Performance-based incentives tend to increase an individual’s motivation, resulting in enhancements in behavioral output. While much work has focused on understanding how the brain’s reward circuitry influences incentive motivated performance, fewer studies have investigated how such reward representations act on the motor system. Here we measured motor cortical excitability with transcranial magnetic stimulation (TMS) while female and male human participants performed a motoric incentive motivation task for prospective monetary gains and losses. We found that individuals’ performance increased for increasing prospective gains and losses. While motor cortical excitability appeared insensitive to prospective loss, temporal features of motor cortical excitability for prospective gains were modulated by an independent measure of an individual’s subjective preferences for incentive (i.e., loss aversion). Those individuals that were more loss averse had a greater motor cortical sensitivity to prospective gain, closer to movement onset. Critically, behavioral sensitivity to incentive and motor cortical sensitivity to prospective gains were both predicted by loss aversion. Furthermore, causal modeling indicated that motor cortical sensitivity to incentive mediated the relationship between subjective preferences for incentive and behavioral sensitivity to incentive. Together our findings suggest that motor cortical activity integrates information about the subjective value of reward to invigorate incentive motivated performance. SIGNIFICANCE STATEMENT Increasing incentives tend to increase motivation and effort. Using a motoric incentive motivation task and transcranial magnetic stimulation, we studied the motor cortical mechanisms responsible for incentive motivated motor performance. We provide experimental evidence that motor cortical sensitivity to incentive mediates the relationship between subjective preferences for incentive and incentive motivated performance. These results indicate that, rather than simply being a reflection of motor output, motor cortical physiology integrates information about reward value to motivate performance.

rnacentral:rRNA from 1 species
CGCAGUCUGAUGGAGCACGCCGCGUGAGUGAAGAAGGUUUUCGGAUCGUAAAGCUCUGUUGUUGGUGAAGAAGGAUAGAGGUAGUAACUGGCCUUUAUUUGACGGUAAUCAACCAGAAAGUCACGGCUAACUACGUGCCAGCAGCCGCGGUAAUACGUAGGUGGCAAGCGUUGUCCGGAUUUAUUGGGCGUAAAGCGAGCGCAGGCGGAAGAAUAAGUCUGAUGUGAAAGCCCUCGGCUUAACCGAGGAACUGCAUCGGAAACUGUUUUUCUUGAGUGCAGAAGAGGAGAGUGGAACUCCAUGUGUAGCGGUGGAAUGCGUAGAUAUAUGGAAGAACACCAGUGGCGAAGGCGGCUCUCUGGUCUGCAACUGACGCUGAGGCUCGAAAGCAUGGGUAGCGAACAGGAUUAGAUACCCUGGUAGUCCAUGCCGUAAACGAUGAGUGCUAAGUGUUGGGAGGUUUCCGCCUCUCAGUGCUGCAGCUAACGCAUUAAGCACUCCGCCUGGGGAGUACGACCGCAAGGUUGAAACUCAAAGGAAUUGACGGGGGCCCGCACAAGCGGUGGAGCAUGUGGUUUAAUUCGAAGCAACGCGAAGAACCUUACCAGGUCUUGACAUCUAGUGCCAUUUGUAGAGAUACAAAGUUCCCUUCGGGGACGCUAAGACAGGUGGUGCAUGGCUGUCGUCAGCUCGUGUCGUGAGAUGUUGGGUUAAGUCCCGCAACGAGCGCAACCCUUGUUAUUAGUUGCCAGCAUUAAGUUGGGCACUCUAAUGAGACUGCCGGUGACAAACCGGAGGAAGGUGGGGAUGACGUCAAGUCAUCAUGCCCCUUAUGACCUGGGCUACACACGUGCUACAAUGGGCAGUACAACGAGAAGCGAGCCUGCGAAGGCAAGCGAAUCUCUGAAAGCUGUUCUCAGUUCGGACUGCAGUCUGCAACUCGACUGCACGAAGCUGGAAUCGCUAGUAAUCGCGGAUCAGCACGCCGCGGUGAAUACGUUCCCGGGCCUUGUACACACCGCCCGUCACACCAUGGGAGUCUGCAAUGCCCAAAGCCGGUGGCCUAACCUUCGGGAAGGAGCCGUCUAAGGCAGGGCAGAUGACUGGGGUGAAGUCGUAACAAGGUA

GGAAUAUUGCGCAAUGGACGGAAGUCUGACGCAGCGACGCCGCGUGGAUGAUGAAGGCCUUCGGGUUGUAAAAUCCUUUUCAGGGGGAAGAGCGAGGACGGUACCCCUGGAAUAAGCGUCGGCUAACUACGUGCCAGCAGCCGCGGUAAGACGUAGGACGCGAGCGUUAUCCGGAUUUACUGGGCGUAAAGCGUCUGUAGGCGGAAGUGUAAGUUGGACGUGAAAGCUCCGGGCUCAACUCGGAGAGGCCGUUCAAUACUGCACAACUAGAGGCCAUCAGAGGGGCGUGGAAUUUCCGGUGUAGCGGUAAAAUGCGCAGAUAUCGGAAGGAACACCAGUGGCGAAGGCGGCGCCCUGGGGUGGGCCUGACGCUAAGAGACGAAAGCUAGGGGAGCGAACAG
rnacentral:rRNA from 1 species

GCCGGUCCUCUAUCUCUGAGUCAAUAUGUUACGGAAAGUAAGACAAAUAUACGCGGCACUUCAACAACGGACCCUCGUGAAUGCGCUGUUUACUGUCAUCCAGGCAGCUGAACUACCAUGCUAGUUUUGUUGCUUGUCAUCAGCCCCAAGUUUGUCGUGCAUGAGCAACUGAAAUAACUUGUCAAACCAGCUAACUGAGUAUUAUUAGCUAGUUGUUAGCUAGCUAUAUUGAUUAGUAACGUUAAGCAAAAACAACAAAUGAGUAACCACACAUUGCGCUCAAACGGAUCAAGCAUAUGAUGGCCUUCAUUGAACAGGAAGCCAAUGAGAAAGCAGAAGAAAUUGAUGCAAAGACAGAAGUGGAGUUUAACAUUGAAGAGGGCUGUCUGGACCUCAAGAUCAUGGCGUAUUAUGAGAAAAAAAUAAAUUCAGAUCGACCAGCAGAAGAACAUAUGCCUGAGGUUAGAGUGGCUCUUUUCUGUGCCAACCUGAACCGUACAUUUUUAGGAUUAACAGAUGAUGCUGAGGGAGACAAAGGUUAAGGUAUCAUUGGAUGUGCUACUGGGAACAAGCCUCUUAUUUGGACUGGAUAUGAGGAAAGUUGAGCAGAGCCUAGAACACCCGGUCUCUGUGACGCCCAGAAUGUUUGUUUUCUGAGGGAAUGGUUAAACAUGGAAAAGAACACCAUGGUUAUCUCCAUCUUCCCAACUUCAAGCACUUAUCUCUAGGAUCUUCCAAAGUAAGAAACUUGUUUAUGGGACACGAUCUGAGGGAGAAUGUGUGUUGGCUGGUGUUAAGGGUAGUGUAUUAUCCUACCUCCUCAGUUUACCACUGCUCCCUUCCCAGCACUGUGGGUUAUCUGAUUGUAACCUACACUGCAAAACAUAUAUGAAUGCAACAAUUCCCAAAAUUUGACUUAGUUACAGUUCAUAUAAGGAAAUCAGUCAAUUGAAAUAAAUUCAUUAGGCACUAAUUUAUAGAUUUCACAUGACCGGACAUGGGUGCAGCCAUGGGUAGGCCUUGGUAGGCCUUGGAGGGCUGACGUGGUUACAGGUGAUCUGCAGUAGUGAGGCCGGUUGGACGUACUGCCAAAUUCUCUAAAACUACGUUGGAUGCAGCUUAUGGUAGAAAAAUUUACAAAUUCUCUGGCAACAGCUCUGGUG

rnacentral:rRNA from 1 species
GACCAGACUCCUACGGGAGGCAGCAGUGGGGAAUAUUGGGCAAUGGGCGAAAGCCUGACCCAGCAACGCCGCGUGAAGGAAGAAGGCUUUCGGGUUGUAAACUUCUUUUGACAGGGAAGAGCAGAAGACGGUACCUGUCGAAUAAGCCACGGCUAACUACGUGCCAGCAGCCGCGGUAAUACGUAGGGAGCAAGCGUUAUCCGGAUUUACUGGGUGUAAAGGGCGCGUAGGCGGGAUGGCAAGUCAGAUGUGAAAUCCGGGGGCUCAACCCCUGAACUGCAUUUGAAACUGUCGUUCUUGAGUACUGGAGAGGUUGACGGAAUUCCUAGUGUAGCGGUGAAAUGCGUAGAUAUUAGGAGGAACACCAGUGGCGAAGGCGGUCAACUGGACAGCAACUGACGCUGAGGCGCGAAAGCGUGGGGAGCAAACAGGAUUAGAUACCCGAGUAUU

ASJC Scopus subject areas
- Biochemistry, Genetics and Molecular Biology(all)
- Agricultural and Biological Sciences(all)
- Immunology and Microbiology(all)
- Pharmacology, Toxicology and Pharmaceutics(all)